Dr. Joshua Van Lieu
A world of opportunities
Dr. Joshua Van Lieu, Assistant Professor of History and Curriculum Director of
the Asian Studies Program, is passionate about preparing students to be citizens
of the world.
"To have an understanding of the realities of the world we live in, it is absolutely
essential to have some kind of knowledge of Asia," he says. "East Asia is one of
the centers of the global economy. Think about the manufactured goods we deal with
on a daily basis. Where do they come from? China, Korea and Japan.
"And if you think of the top three economies in the world, the number one economy
is the United States, number two is China and number three is Japan. South Korea
is one of the world's most developed economies – right now, I think it is ranked
Locally, the economy is deeply attached to South Korea, with the growing Korean
community and the arrival of Korean corporations.
"It's not just Kia – there is also Hyundai in Montgomery," he says. "Between here
and Montgomery, there are dozens of Korean multinational suppliers employing many
thousands of people from throughout the region. It is so important to build relationships
with those enterprises."
That makes the new Asian Studies Program, which begins this fall, all the more
important. Dr. Van Lieu says he believes LaGrange's curriculum is unique in the
"There aren't very many opportunities regionally to study the Korean language
or even Asian Studies in general. We have designed the new program as an interdisciplinary
minor consisting of six courses. There will be required classes in religion, history
and a yearlong sequence in either the Korean or Japanese language."
Dr. David Ahearn, Chair of Religion and Philosophy, has developed a class in East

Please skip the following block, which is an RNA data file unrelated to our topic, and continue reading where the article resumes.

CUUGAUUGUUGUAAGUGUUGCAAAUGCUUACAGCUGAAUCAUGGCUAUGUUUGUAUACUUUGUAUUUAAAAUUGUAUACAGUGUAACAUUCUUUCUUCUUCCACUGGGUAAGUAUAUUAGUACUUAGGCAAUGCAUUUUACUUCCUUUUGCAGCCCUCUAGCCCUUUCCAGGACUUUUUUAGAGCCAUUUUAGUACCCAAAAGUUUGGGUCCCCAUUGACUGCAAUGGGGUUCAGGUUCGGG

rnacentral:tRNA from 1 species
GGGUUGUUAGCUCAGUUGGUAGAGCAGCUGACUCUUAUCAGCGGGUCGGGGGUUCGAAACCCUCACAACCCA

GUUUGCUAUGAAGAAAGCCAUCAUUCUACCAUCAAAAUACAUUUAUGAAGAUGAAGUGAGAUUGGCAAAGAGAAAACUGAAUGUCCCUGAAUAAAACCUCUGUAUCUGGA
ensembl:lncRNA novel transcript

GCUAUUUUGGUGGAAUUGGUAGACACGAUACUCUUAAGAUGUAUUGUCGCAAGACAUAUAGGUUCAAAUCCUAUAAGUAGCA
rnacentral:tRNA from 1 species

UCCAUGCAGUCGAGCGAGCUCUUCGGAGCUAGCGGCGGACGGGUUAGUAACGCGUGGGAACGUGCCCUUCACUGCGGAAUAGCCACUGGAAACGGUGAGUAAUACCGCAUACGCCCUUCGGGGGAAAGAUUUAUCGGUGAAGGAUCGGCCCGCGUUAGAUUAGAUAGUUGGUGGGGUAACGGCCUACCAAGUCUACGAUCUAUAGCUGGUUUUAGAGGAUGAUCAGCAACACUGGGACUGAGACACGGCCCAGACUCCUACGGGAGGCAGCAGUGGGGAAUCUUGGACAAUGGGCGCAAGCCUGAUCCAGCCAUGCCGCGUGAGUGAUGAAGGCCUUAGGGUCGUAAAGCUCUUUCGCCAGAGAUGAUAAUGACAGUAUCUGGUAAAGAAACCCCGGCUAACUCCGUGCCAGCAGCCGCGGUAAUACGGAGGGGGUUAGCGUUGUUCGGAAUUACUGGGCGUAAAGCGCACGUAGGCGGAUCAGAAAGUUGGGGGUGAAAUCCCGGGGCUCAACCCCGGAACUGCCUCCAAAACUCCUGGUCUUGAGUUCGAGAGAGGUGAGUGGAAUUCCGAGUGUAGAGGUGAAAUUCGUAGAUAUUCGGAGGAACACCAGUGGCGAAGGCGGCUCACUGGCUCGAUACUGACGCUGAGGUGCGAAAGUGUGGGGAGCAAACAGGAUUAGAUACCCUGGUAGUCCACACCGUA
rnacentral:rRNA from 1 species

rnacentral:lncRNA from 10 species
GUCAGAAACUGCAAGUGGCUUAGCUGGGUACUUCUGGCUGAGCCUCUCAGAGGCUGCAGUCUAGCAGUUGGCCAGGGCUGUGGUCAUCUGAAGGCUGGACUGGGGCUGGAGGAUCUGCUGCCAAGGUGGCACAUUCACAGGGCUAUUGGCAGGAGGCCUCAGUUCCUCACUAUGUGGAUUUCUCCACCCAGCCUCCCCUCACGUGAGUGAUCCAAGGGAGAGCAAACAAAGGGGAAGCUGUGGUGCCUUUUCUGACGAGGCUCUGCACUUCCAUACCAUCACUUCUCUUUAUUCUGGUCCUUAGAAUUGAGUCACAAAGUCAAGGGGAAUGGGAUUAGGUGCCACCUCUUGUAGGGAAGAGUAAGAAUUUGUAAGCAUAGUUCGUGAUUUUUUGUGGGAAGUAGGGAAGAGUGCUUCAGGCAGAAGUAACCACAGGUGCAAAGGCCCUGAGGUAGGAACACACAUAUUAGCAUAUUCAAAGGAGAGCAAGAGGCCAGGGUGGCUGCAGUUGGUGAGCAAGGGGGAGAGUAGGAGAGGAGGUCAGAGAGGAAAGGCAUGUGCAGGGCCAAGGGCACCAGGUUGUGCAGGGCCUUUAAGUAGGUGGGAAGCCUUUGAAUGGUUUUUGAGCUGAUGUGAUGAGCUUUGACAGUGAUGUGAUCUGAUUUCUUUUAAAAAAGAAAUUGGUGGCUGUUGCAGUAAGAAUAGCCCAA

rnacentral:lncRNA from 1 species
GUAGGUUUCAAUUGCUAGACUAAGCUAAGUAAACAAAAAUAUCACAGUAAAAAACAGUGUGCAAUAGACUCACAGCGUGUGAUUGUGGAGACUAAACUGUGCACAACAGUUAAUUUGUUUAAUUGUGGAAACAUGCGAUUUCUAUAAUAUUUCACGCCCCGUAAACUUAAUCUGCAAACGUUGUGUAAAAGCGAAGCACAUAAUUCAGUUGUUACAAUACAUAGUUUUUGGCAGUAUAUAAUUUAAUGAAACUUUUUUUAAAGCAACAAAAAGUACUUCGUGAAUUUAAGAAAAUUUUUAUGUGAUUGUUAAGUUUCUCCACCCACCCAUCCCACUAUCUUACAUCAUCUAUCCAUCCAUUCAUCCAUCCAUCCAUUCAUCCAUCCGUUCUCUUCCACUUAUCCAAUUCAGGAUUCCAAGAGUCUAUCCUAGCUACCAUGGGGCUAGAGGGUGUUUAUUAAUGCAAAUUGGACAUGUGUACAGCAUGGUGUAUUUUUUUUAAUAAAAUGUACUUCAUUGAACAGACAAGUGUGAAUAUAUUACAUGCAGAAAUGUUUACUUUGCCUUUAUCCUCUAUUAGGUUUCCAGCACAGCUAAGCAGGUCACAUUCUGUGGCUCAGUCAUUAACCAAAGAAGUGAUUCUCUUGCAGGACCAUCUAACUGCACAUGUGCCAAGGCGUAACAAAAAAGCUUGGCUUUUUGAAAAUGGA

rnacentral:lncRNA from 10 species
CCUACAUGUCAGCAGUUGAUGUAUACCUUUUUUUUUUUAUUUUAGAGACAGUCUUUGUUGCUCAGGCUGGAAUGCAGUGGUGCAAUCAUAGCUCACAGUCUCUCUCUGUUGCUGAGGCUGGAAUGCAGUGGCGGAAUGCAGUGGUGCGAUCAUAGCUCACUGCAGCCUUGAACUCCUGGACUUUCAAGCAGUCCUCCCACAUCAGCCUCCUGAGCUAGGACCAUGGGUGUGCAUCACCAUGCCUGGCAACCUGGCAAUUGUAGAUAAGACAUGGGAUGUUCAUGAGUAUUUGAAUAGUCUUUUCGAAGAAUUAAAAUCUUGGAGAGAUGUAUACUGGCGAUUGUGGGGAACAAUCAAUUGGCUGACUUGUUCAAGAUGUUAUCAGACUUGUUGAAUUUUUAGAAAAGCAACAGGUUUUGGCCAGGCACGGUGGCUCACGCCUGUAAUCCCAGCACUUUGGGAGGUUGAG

Asian religions, and Dr. Van Lieu has an Introduction to East Asian History course
"I worked carefully with Dr. Amanda Plumlee (Chair of Modern Languages and Director
of Asian Studies Language Courses) and Dr. Ahearn to put together a proposal for
the minor. Dr. Kevin Shirley, Associate Professor of History, also was an immense
Other courses necessary to fill out the minor will be electives from such departments
as business, art, political science, religion, art history, history and modern
"You can take courses that have Asia-related content in a variety of different
disciplines, depending on student interests," he says. "For example, you could
be a business major and an Asian Studies minor and have some of your coursework
overlap. You can shape an Asian Studies minor to your particular interests."
Diana Goldwire, Director of the Career Center, has been working with area Korean
businesses to develop internships for LaGrange students.
"These companies are looking specifically at our students. They want people with
a background in Korean language, history, society and economics. On a real concrete
basis, there are opportunities for employment right here in this region. Even if
your Korean is just 'Hello,' 'How are you?' and 'Yes, I'd like another helping,'
that goes a long way to show you are willing to learn, you have an interest in
the world and a respect for other cultures."
The new minor offers more than a chance to polish students into well-rounded adults.
"It's about being a citizen of the world," Dr. Van Lieu says. "It's about preparing
our students to be active and ethical members of the global community, and that
is an exciting opportunity for us all."